So we looked up the company “Banana Distributors,” and see they launched at about the time our MARY A. WHALEN in the 1930s. They’ve got a great history page, and here’s a story on how bananas get to NYC bodegas.
RHCT's Sandy story
When asked about Sandy, Mike Stamatis and Frankie Jordan speak in unison, “we were here that night.” Mike, “we were back to work quickly. We have two diesel cranes, the only two diesel cranes left in port, so those could work even though the power was out... This port is important in times of emergency, Sandy, if bridges and tunnels are closed. NYC has roughly a 3-day food supply… After Sandy, we sent a barge to Phili to get containers that were diverted from a CMA vessel that could not call here. A CMA ship could not get to NY due to Sandy and was diverted to Norfolk and Phili.”
“We had generators for over a year to power the Liebherr cranes (on pier 10 in the Buttermilk). We had to try and find two 2K generators to run those cranes. We got them down south, rented them.”
The diesel cranes are the two 2 green ones on the vast pier 9A, a finger pier (juts out into the channel at 90 degrees to land) that has no shed. This pier handles most of the break bulk cargo, the container barges, the ship exporting vehicles to Haiti. The Liebherr cranes are on Pier 10, a marginal pier (the dock runs parallel to the water of Buttermilk Channel) that is the containership berth. Pier 10 has a pair of retired cranes (one orange, one blue) and a pair of active red, white and blue ones.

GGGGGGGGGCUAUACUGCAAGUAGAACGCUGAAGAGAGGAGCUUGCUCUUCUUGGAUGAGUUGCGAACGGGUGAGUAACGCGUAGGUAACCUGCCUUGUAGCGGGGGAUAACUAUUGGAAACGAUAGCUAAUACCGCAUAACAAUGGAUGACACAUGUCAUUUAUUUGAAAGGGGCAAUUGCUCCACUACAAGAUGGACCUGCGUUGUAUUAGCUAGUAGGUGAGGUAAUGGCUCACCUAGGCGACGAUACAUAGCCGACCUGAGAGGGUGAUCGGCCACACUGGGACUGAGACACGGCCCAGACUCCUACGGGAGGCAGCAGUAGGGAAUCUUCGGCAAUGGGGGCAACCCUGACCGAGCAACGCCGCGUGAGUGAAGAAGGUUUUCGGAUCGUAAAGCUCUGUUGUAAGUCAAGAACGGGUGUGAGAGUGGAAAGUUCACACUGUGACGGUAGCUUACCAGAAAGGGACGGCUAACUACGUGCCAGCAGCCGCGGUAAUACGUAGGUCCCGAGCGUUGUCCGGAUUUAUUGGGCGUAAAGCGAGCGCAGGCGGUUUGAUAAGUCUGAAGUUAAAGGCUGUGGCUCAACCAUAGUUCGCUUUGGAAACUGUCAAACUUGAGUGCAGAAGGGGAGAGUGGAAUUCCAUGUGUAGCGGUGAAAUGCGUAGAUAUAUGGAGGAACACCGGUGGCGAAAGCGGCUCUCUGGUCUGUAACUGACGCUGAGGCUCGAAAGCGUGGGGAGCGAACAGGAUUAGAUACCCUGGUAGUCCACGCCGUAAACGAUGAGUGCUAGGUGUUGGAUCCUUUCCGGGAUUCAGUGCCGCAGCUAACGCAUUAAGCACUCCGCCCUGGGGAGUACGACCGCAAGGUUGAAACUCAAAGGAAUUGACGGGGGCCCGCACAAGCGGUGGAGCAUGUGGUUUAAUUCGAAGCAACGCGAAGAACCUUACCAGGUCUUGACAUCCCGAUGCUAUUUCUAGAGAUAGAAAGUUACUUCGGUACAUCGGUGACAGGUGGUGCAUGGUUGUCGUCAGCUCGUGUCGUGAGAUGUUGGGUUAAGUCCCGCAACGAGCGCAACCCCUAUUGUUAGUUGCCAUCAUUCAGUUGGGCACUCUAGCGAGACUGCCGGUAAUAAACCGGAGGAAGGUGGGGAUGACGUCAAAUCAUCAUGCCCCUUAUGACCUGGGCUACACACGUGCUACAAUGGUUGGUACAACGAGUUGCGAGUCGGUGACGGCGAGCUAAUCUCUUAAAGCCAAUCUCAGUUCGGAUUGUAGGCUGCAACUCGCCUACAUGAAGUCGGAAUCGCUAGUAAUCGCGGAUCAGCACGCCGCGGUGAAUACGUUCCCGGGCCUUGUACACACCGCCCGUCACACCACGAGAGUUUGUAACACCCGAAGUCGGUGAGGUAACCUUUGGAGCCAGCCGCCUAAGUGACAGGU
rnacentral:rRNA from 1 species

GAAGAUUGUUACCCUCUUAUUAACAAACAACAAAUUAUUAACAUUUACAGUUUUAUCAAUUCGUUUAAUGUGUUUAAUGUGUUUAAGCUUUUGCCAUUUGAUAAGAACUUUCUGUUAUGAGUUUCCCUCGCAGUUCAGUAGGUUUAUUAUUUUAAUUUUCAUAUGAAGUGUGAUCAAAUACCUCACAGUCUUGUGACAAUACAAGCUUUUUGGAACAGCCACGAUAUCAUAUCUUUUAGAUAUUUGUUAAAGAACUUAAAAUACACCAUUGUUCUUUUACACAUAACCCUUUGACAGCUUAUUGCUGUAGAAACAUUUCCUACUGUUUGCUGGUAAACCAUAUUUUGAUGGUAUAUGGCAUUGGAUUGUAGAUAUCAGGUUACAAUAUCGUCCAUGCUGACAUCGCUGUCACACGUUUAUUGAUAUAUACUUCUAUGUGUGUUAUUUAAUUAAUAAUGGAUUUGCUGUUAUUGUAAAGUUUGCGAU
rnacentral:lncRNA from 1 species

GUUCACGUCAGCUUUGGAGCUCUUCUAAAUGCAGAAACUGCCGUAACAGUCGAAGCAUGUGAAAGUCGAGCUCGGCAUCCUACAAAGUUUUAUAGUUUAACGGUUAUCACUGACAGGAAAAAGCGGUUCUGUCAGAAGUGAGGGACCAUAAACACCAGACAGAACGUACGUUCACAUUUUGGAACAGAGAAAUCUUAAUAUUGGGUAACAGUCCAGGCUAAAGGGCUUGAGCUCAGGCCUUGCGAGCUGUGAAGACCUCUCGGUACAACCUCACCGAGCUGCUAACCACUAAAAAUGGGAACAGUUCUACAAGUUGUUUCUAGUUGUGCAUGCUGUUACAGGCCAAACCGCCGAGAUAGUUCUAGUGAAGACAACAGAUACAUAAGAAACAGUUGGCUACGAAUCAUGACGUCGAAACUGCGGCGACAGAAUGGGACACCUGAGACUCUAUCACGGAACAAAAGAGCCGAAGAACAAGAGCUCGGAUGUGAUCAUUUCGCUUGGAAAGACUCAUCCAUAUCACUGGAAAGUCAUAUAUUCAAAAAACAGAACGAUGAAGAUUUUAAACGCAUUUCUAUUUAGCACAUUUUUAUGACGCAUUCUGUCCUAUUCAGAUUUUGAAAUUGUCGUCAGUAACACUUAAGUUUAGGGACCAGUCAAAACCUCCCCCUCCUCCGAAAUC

Why did the raccoon cross the road? To get to Gowanus Nursery (which has since closed). Tucked in around all the busy port activity is some wildlife. The list seen by PortSide staff during our long tenure inside the port includes a possum, multiple raccoons (including one with no tail), a seal, night herons, swallows, seagulls, various kinds of ducks, Canada and Brant geese, bats, mini mice, and hordes of feral cats. “We have too many cats,” says Mike Stamatis, and it’s true. An abandoned day-old kitten was bottle fed and raised by the PortSide crew. We dubbed her Mighty Mo for her toughness.
PortSide NewYork was located in RHCT, aboard the Mary Whalen, from fall 2006 to Spring 2015, minus two stints in the Navy Yard and program visits to other locations. Our time there gives us first-hand experience of the operations described in this report.